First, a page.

Come walk with me…

To my dear Non-black brothers and sisters,

The old saying is that you never know what it’s like to be someone or understand their consequences until you walk a mile in their shoes…Well, would you like to know what it’s like to be Black in America? Come with me and walk 3 miles in my shoes…

I got up this morning as usual, feeling refreshed and happy to be alive, put on my workout clothes and headed outdoors…into the fresh air, a little sunshine and the freedom that I see symbolized in my feathered friend who was the first one to greet me on my front lawn…

So, as I’m walking… about 60 seconds later I thought about what I was wearing. Tennis shoes, sweat pants, a hoodie and a skull cap. And I thought of Trayvon Martin and I thought  to myself, boy, I’m glad I have this skull cap on because I’m not sure if I should put my hood on my head. And then I noticed that my hands were in the front, central pocket of my hoodie holding my phone, keys, and ipod so that they wouldn’t fall out…plus my hands were cold. And then I thought to myself, gosh, what if someone looks at me and thinks I’m up to no good? That I actually have my hands on a gun and I’m looking around for a house to burglarize or someone to mug or if they didn’t see the outline of my breasts, that I was a black male looking for an innocent white woman or girl to rape? Boy, in this small town of Charleston, am I really safe? And then I started walking faster and I wondered, am I’m walking faster because I’m in better shape or is it because I’m trying to run away from fear, from someone who may want to emulate Zimmerman’s actions and mistake me for someone “up to no good?” And I noticed I was keeping my head down more than I ever have on my morning walks. Before these thoughts, I used to look at cars, in cars,smile at people as I walked by but today, this morning, I don’t remember seeing many cars, or at the minimum, I don’t recall  looking up much to see them. When I finally looked up, I noticed a white woman helping what looked to be perhaps her mother up the stairs to a house and a white male standing on the sidewalk looking around. I wondered what his actions would be as I came closer. I kind of kept my head down then I decided to just look at him and smile as I usually did. He smiled too and we said good morning to each other. Nice, right? Well, instead of feeling normal, I felt relief. Whew! Got through that I thought. And then I saw a white female on her morning walk with a red hoodie, ON, covering her exposed head and I thought to myself was she feeling any of the things I felt? Does she feel safe wearing her hoodie? Maybe she was trying to make a statement which I appreciate if that was the case, but at the same time, it’s not really the same image when you see her attractive white, young face. Is it? Any way, I kept walking, and towards the end of my walk I ran across a white, young male with headphones on and jeans. We smiled at each other and mouthed “Hi” giving into the fact that if we had said it outloud neither one of us would have heard each other thanks to the music that filled our ears individually.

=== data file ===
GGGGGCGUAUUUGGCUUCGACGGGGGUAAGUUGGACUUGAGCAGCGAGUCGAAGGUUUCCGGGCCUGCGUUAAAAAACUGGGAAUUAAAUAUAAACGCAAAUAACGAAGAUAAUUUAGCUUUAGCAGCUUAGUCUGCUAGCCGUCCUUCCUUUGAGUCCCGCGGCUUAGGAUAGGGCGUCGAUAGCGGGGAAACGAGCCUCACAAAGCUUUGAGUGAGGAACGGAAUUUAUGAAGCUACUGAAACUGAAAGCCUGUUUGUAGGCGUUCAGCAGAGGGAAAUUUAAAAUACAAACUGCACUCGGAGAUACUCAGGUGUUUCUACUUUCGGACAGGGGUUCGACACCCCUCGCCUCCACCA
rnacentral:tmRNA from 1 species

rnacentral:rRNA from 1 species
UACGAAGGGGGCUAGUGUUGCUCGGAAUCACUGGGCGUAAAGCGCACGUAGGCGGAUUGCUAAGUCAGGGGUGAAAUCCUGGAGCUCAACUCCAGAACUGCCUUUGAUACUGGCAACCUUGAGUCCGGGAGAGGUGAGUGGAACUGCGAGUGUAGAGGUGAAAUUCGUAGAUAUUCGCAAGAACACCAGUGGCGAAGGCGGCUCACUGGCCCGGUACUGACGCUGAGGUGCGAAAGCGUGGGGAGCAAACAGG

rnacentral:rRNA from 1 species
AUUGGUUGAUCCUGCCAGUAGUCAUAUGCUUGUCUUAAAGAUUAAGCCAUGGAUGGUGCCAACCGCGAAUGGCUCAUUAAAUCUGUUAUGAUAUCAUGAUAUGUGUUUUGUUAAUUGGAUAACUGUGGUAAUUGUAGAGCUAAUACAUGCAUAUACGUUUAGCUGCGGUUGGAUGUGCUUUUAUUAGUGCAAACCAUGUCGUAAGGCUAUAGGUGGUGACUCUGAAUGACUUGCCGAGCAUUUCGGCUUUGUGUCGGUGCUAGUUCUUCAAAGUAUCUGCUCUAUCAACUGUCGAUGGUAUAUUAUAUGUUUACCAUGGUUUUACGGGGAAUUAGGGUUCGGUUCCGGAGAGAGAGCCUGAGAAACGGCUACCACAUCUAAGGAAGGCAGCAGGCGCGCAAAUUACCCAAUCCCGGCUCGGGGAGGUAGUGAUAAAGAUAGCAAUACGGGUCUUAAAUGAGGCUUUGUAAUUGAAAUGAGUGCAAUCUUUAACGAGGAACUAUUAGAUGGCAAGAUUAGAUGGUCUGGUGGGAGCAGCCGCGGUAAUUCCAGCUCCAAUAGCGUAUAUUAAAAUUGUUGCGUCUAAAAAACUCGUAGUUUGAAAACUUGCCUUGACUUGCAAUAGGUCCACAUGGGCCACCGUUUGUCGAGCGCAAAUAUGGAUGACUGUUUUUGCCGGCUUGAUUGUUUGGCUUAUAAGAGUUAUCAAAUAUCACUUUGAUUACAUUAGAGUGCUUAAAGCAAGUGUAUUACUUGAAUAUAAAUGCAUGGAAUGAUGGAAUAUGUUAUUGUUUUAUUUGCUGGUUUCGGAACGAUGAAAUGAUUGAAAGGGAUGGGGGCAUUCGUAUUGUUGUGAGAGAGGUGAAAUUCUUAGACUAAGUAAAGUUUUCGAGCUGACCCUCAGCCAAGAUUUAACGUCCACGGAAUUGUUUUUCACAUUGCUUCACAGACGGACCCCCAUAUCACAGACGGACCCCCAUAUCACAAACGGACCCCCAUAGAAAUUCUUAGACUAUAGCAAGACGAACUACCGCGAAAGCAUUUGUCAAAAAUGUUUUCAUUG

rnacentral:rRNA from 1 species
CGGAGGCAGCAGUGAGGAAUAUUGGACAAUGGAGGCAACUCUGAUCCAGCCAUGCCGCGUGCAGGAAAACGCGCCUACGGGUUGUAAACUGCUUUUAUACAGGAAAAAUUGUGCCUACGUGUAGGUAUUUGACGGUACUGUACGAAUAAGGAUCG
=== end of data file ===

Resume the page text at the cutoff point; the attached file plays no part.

Did I also tell you that I was paranoid every time a car passed by me? Yep. I thought of the black people who were shot while they were walking just for being black. I thought of the black people who were kidnapped and raped and lynched after being picked up by strangers because they were black. I thought of the black people who died after a “hit and run” …cases that were never solved but the word “nigger” was heard being yelled out the car window as the car carrying the suspects zoomed to freedom or its next victim. And as I saw my house of “safety” I thought just a few more yards and I’ll be ok.